With that big show at Tate Modern in 2012, it became abundantly clear that William Klein has had one of the most extraordinary and varied careers of his generation. His photobooks on New York, Rome, Tokyo and Moscow are among the most inventive ever made. Many of his documentary and fiction films are landmarks. And, of course, he reinvented fashion photography in the 1950s and 60s at Vogue. Moreover Klein occupies an unusual place in the history of post-war abstraction, moving from paint on canvas to light on photographic paper as early as 1952.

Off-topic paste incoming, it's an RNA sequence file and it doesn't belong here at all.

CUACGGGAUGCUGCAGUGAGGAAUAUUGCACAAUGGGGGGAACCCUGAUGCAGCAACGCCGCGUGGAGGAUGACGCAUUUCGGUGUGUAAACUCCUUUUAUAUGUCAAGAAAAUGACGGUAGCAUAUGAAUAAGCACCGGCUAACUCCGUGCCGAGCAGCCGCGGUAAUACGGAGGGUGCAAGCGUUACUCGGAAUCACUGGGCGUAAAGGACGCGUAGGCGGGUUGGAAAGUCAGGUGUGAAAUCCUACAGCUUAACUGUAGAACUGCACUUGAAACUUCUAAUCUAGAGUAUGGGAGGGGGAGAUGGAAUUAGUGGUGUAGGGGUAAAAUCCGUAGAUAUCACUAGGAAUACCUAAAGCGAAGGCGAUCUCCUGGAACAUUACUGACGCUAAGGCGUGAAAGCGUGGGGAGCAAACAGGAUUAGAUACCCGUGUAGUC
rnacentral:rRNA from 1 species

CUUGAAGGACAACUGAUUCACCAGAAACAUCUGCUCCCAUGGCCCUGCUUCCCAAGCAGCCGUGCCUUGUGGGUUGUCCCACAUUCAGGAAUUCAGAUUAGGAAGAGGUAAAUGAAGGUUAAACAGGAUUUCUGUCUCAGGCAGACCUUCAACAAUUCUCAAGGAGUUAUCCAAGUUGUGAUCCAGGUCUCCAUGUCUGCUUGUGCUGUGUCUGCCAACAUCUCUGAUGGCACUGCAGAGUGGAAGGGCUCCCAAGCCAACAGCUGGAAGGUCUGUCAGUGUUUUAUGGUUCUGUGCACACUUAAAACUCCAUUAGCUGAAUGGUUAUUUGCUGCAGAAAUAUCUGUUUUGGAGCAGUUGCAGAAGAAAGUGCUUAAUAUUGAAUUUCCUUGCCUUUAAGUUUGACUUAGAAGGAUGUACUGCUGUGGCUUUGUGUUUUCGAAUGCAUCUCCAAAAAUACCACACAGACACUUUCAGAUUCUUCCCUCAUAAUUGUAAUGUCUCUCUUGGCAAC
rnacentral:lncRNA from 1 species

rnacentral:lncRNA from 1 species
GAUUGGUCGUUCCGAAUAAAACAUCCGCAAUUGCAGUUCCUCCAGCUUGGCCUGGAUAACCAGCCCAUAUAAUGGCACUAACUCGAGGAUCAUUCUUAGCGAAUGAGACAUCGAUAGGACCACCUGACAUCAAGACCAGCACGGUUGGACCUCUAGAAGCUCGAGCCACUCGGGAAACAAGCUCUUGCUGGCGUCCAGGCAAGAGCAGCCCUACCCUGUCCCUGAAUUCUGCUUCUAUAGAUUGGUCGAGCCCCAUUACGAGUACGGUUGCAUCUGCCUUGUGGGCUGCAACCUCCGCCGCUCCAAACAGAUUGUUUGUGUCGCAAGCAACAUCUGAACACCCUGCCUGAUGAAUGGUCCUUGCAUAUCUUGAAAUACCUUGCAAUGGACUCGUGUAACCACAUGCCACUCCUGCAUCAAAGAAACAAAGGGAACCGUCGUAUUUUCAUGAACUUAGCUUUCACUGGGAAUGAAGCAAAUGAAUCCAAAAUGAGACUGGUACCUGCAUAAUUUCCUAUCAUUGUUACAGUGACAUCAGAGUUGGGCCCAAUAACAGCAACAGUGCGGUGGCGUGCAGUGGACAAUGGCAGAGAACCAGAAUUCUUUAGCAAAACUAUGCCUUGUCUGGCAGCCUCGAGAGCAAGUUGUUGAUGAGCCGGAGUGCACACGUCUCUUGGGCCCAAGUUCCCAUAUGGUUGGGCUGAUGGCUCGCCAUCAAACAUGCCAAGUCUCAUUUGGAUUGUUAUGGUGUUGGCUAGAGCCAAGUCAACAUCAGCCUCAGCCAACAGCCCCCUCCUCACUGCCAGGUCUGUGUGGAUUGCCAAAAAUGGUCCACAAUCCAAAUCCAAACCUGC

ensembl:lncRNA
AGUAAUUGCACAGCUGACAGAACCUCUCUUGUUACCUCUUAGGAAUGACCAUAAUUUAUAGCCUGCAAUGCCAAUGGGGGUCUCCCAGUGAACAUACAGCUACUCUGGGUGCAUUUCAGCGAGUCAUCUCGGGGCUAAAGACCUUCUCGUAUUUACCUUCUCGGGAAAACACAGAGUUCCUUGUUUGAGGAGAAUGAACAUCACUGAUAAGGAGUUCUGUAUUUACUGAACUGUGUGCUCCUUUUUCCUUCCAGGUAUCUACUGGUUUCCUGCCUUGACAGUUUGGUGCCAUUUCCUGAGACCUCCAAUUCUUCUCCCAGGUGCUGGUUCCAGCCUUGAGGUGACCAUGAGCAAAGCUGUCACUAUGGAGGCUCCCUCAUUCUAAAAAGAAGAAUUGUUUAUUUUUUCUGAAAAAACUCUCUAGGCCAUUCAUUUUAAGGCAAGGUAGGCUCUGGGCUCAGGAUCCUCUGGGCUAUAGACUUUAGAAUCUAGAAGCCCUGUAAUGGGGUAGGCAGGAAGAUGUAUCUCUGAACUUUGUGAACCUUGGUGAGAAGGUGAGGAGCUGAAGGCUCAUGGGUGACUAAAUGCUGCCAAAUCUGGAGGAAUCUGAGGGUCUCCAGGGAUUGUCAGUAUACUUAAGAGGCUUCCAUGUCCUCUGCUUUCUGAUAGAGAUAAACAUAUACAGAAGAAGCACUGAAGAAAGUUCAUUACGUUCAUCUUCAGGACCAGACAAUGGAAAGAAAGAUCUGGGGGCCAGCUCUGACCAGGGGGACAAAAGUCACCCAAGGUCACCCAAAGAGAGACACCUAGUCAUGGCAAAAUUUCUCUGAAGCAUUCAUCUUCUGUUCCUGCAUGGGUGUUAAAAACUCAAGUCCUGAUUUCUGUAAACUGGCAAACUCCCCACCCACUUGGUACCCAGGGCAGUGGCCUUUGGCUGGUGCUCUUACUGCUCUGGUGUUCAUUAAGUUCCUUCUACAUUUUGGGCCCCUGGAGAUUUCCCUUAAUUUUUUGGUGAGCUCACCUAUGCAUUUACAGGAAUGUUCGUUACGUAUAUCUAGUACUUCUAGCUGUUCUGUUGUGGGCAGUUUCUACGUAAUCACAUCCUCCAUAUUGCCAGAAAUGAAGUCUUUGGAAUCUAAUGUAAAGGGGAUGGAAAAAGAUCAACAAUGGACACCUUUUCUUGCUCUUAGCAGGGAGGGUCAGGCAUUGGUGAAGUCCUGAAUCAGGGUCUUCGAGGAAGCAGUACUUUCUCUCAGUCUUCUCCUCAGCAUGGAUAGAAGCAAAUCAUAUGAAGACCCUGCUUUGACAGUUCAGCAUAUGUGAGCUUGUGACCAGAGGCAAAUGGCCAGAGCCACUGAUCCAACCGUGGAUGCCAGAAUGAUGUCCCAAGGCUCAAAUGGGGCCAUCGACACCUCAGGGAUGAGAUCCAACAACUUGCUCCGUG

That year Klein produced a maquette for a book of abstract photography that has been published only now. So much happened for him in 1952 that to explain the genesis of this book and where it fits in to his development we have to go back a little further.
A New Yorker, Klein arrived in Paris,